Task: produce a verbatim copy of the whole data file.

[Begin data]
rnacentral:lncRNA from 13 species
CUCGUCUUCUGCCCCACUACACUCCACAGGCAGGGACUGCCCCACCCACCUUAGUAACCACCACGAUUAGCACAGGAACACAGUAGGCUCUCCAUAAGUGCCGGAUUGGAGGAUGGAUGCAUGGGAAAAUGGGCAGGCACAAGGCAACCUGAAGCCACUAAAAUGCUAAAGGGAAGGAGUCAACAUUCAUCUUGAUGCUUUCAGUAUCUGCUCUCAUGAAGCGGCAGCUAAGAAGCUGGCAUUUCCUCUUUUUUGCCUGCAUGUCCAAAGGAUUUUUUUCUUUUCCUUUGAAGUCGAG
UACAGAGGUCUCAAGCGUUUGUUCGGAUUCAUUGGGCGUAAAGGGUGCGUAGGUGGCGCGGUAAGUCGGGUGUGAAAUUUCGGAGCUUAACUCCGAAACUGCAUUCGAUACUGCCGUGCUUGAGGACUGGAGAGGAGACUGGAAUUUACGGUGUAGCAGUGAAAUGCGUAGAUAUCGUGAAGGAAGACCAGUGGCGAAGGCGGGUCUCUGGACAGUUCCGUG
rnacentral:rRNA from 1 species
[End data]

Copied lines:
rnacentral:lncRNA from 13 species
CUCGUCUUCUGCCCCACUACACUCCACAGGCAGGGACUGCCCCACCCACCUUAGUAACCACCACGAUUAGCACAGGAACACAGUAGGCUCUCCAUAAGUGCCGGAUUGGAGGAUGGAUGCAUGGGAAAAUGGGCAGGCACAAGGCAACCUGAAGCCACUAAAAUGCUAAAGGGAAGGAGUCAACAUUCAUCUUGAUGCUUUCAGUAUCUGCUCUCAUGAAGCGGCAGCUAAGAAGCUGGCAUUUCCUCUUUUUUGCCUGCAUGUCCAAAGGAUUUUUUUCUUUUCCUUUGAAGUCGAG
UACAGAGGUCUCAAGCGUUUGUUCGGAUUCAUUGGGCGUAAAGGGUGCGUAGGUGGCGCGGUAAGUCGGGUGUGAAAUUUCGGAGCUUAACUCCGAAACUGCAUUCGAUACUGCCGUGCUUGAGGACUGGAGAGGAGACUGGAAUUUACGGUGUAGCAGUGAAAUGCGUAGAUAUCGUGAAGGAAGACCAGUGGCGAAGGCGGGUCUCUGGACAGUUCCGUG
rnacentral:rRNA from 1 species